Any way to optimize my object serializer?

I recently created a simple object serializer which stores objects in datastore’s. I am wondering if there is anyway to optimize my script. Here is the code (you can also find the post that has more info on it here):

-- Services
local players = game:GetService("Players")
local replicatedStorage = game:GetService("ReplicatedStorage")
local dataStoreService = game:GetService("DataStoreService")
local httpService = game:GetService("HttpService")
local dataStore = dataStoreService:GetDataStore("Example_Serialize_System")

local serializeE =

local location = workspace.Plot.plane.itemHolder

local dataLoaded = false
local tries = 3

local rad = math.rad
local cframe =
local angles = CFrame.fromEulerAnglesXYZ
local vector3 =
local color =

-- Saves models currently placed on the plane/plot
local function serialize(plr)
	if dataLoaded then
		local key = plr.UserId
		local data = {}
		-- Saves properties from all objects
		for _, objs in pairs(location:GetChildren()) do
			for i, obj in pairs(objs:GetDescendants()) do
				if obj:IsA("BasePart") then
					table.insert(data, {
						-- p = position
						["p"] = {obj.CFrame.X, obj.CFrame.Y, obj.CFrame.Z, obj.Orientation.X, obj.Orientation.Y, obj.Orientation.Z};
						["s"] = {obj.Size.X, obj.Size.Y, obj.Size.Z}; -- s = size
						["c"] = {obj.Color.R, obj.Color.G, obj.Color.B}; -- c = color
						["n"] = obj.Name; -- n = name
						["t"] = obj.Transparency;
						["mdlN"] = objs.Name; -- t = transparency
						["m"] = string.sub(tostring(obj.Material), 15, string.len(tostring(obj.Material))); -- m = material
						["isPri"] = objs.PrimaryPart == obj; -- isPri = isPrimaryPart
						["f"] = objs:GetDescendants()[1] == obj -- f = firstObject
		local count = 0
		local success, err
		-- To prevent errors and data loss
			success, err = pcall(function()
				dataStore:SetAsync(key, data)
			count = count + 1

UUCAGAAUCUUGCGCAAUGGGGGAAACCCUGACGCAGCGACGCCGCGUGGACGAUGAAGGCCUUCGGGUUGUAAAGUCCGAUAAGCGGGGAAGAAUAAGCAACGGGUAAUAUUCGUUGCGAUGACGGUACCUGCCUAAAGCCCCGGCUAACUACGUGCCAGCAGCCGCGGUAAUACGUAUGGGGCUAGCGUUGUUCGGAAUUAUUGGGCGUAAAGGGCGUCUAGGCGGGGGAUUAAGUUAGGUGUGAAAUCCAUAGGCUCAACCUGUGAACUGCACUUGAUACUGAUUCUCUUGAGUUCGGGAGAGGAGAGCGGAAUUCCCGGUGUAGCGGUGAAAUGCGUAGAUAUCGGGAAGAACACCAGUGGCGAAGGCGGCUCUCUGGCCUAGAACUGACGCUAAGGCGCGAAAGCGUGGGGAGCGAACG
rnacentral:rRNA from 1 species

until success or count >= tries
		if not success then
			warn("Failed to serialize data: Error code " .. tostring(err))

-- Loads the data back into the game
local function deserialize(plr)
	local key = plr.UserId
	local serializedData
	local count = 0
	local success, err
		success, err = pcall(function()
			serializedData = dataStore:GetAsync(key)
		count = count + 1
	until success or count >= tries
	if not success then
		warn("Failed to read data: Error code " .. tostring(err))
	if serializedData then
		local model
		-- Loads data
		for i, data in pairs(serializedData) do
			-- Makes sure a model is created only per model
			if data.f then
				model ="Model")
				model.Name = data.mdlN
				model.Parent = location
			local part ="Part")
			part.Anchored = true
			part.CFrame = cframe(data.p[1], data.p[2], data.p[3])*angles(rad(data.p[4]), rad(data.p[5]), rad(data.p[6]))
			part.Size = vector3(data.s[1], data.s[2], data.s[3])
			part.Color = color(data.c[1], data.c[2], data.c[3])
			part.TopSurface = Enum.SurfaceType.SmoothNoOutlines
			part.BottomSurface = Enum.SurfaceType.SmoothNoOutlines
			part.LeftSurface = Enum.SurfaceType.SmoothNoOutlines
			part.RightSurface = Enum.SurfaceType.SmoothNoOutlines
			part.Name = data.n
			part.Material = Enum.Material[data.m]
			part.Transparency = data.t
			part.Parent = model
			-- Handles primary parts
			if data.isPri and model then
				model.PrimaryPart = part
				model.PrimaryPart.CanCollide = false
			wait(0.1) -- this can be removed
		dataLoaded = true
		dataLoaded = true

-- calls

	for i, plr in pairs(players:GetChildren()) do

One change you might consider is compressing numbers info Base64. Also, it might be more memory efficient to convert everything into a string. I know that tables for instance have a memory overhead in addition to whatever you put in them. Instead, using the characters “{}” is 2 bytes.

I agree with AstroCode on both points. Base64 instead of decimal for integers is a lot more efficient as the integers get stored in string form.

I also would make it a string instead of a table, especially as you have it as an array of objects, and just use a single character delimiter, e.g. ; between each array item to use string.split on later when decompressing the data.

Finally, keys like isPri and mdlN is a waste of characters. You’ve got other chars available so I’d use them.

I’m not convinced by this. Using a base64 string instead of a number already adds two extra characters (opening and closing quotes).

For integers, a base 64 representation (as opposed to base 10) only starts being more space efficient for integers greater than 99999. Using a base-64 encoded floating-point format also wouldn’t be especially helpful because every single-precision float (4 bytes) would be expanded out to 8 characters anyway.